Church of the Holy Redeemer

Our History

The history of parish and its parishioners is one of perseverance.

In the late 1880’s, there was  racial conflict in Memphis, Tennessee.  As a result of that conflict, a black dentist named Dr Gordon was lynched at Emmanuel Church in Memphis.  Several of the parishioners left Memphis and came to Colorado.  They were seeking a church in the Episcopal tradition like the Emmanuel Church that they had left behind.

At about the same time, a small group of Anglo-Catholics from England arrived in Colorado.  This group was also looking for a church to restore Catholic teaching and worship within the Episcopal tradition, but had not found a mission that fit their religious needs.

Charles Kountz, the owner of the Colorado National Bank, facilitated the combination of these two groups into a united congregation.  The resulting church was named after the Church of Our Most Holy Redeemer in London.  Thus, the church of the Holy Redeemer was born in Denver in 1892.

The parish first worshiped in the basement of St John’s Cathedral, then moved to a diocese-owned church at 10th and Lawrence Streets.  In 1893, the group received gifts to purchase lots at 22nd and Humboldt.  A rectory was purchased, and a later gift enabled the group to build a small chapel.

Like most Colorado Episcopal churches in the early 1900’s, Holy Redeemer struggled to maintain its mission of restoring the Catholic teachings and Episcopalian rituals.  The membership was small, and many of the British members became discouraged and returned to England.  In 1921, the church was in danger of closing.  The Reverend Harry Rahming, however, persuaded the Bishop to take over the congregation as a diocesan mission.  Father Rahming became the first African-American Vicar of Holy Redeemer, and served for 42 years.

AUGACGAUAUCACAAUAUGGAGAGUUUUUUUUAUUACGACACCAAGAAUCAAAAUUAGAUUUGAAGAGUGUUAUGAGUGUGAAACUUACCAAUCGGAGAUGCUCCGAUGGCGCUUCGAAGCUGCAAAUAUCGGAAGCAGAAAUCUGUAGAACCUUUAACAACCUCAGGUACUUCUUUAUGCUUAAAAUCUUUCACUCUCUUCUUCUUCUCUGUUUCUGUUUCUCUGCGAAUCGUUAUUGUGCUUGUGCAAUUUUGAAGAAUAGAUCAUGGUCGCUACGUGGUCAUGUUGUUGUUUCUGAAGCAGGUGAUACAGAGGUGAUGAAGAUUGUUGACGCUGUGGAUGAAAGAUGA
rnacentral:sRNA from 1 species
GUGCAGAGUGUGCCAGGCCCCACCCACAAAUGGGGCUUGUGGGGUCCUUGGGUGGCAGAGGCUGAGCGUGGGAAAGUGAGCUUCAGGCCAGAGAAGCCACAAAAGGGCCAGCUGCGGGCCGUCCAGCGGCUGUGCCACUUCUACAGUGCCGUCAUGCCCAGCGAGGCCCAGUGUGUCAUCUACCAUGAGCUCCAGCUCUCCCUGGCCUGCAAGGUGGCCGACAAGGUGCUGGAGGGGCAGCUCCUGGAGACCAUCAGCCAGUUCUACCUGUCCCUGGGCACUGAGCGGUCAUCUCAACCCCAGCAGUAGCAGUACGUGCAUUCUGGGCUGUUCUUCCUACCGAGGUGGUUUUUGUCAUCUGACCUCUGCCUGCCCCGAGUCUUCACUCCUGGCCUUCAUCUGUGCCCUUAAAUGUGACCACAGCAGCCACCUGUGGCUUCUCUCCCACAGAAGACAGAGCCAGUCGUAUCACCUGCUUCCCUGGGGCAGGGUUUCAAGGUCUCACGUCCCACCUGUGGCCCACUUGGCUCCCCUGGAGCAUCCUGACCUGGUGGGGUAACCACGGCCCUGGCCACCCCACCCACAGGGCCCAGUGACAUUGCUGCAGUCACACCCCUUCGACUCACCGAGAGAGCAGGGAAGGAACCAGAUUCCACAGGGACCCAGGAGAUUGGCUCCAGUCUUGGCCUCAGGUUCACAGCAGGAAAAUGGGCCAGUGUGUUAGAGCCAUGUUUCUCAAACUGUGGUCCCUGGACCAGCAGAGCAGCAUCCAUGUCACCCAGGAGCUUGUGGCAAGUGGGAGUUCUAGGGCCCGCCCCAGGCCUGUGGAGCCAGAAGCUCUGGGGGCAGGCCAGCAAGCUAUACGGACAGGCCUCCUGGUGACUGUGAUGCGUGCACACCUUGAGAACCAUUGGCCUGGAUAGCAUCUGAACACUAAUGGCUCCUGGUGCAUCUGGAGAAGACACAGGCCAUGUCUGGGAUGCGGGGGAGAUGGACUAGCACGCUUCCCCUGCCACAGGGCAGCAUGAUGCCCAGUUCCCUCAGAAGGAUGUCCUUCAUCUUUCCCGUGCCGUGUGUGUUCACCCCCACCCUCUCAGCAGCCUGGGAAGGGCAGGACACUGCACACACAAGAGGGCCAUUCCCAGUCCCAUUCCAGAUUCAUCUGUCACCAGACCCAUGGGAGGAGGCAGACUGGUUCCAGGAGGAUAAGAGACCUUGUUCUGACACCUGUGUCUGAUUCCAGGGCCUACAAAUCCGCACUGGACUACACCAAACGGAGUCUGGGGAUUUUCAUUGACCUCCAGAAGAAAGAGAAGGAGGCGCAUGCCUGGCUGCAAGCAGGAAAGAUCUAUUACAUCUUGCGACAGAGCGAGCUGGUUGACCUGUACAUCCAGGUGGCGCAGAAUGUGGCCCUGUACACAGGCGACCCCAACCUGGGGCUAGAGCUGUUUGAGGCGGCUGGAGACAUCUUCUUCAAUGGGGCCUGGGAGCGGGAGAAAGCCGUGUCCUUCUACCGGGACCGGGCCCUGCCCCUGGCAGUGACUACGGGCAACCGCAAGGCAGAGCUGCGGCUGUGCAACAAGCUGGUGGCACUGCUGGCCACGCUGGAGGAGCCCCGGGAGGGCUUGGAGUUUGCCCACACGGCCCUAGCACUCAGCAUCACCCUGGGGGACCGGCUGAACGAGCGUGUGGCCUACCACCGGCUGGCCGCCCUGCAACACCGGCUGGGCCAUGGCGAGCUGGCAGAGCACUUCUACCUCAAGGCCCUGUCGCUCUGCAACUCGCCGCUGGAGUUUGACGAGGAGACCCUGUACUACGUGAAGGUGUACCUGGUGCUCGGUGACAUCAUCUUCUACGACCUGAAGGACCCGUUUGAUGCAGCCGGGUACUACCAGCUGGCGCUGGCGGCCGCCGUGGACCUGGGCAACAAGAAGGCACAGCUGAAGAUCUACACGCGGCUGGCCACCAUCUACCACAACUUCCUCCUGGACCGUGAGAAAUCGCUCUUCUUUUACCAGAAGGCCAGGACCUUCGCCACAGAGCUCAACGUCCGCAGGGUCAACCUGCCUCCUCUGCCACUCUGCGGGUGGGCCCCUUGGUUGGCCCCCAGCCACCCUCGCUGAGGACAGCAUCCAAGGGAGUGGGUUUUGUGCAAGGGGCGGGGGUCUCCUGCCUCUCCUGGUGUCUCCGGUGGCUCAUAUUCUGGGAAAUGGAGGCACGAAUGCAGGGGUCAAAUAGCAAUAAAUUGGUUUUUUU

In good times or bad, the church has maintained a joyous and supportive environment.  Women from the church held dances to raise funds for a new church building, in spite of condemnation from more conservative pulpits in the black community.  Several laypeople from other churches attended these dances and contributed to the growth of the Church of the Holy Redeemer.

In 1927, St. Stephens Church, then located at 2552 Williams Street, moved to the Park Hill neighborhood in Denver.  Holy Redeemer purchased this church with these funds, and has been located there since that time.

Education of the youth of Holy Redeemer and the surrounding community has always been a priority for the church.  In spite of financial hard times, Father Rahming found sources for scholarships so that young students could pursue their professional goals.  Many of Denver’s black professionals today trace their education, in part, to the ministry of the Holy Redeemer.  The scholarship support for education continues to be a part of Holy Redeemer today.

Holy Redeemer continues to be a racially and culturally diverse congregation.  Several members of our church have made strides towards changing history and achieving equality.  Many parishioners have been honored for their work in improving the community of Denver and fighting for civil rights.